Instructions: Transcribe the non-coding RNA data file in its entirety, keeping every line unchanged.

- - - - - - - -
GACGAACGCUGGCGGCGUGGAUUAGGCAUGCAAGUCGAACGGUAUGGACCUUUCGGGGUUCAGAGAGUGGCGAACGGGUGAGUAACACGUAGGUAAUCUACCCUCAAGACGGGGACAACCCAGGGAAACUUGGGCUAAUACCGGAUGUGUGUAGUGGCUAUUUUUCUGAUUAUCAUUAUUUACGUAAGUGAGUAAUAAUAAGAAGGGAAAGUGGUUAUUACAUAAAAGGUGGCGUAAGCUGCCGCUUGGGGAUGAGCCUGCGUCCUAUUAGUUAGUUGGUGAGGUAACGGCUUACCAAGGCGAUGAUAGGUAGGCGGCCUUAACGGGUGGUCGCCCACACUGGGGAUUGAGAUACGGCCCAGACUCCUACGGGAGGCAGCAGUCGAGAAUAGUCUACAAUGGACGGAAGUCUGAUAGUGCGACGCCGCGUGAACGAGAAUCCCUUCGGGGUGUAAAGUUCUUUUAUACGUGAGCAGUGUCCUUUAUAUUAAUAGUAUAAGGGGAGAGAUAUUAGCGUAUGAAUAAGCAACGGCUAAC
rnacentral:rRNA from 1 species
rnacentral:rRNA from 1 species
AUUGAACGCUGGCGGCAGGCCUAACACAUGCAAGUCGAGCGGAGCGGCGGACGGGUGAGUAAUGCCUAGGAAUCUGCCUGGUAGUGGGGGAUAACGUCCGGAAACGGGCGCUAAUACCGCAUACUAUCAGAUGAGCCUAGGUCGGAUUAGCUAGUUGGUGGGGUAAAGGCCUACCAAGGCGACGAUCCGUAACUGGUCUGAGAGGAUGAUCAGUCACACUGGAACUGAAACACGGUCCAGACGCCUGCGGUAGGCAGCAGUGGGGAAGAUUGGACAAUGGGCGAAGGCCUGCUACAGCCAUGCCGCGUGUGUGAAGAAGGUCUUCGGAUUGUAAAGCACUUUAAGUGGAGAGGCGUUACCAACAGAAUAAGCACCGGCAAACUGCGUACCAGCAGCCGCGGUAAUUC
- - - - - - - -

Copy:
GACGAACGCUGGCGGCGUGGAUUAGGCAUGCAAGUCGAACGGUAUGGACCUUUCGGGGUUCAGAGAGUGGCGAACGGGUGAGUAACACGUAGGUAAUCUACCCUCAAGACGGGGACAACCCAGGGAAACUUGGGCUAAUACCGGAUGUGUGUAGUGGCUAUUUUUCUGAUUAUCAUUAUUUACGUAAGUGAGUAAUAAUAAGAAGGGAAAGUGGUUAUUACAUAAAAGGUGGCGUAAGCUGCCGCUUGGGGAUGAGCCUGCGUCCUAUUAGUUAGUUGGUGAGGUAACGGCUUACCAAGGCGAUGAUAGGUAGGCGGCCUUAACGGGUGGUCGCCCACACUGGGGAUUGAGAUACGGCCCAGACUCCUACGGGAGGCAGCAGUCGAGAAUAGUCUACAAUGGACGGAAGUCUGAUAGUGCGACGCCGCGUGAACGAGAAUCCCUUCGGGGUGUAAAGUUCUUUUAUACGUGAGCAGUGUCCUUUAUAUUAAUAGUAUAAGGGGAGAGAUAUUAGCGUAUGAAUAAGCAACGGCUAAC
rnacentral:rRNA from 1 species
rnacentral:rRNA from 1 species
AUUGAACGCUGGCGGCAGGCCUAACACAUGCAAGUCGAGCGGAGCGGCGGACGGGUGAGUAAUGCCUAGGAAUCUGCCUGGUAGUGGGGGAUAACGUCCGGAAACGGGCGCUAAUACCGCAUACUAUCAGAUGAGCCUAGGUCGGAUUAGCUAGUUGGUGGGGUAAAGGCCUACCAAGGCGACGAUCCGUAACUGGUCUGAGAGGAUGAUCAGUCACACUGGAACUGAAACACGGUCCAGACGCCUGCGGUAGGCAGCAGUGGGGAAGAUUGGACAAUGGGCGAAGGCCUGCUACAGCCAUGCCGCGUGUGUGAAGAAGGUCUUCGGAUUGUAAAGCACUUUAAGUGGAGAGGCGUUACCAACAGAAUAAGCACCGGCAAACUGCGUACCAGCAGCCGCGGUAAUUC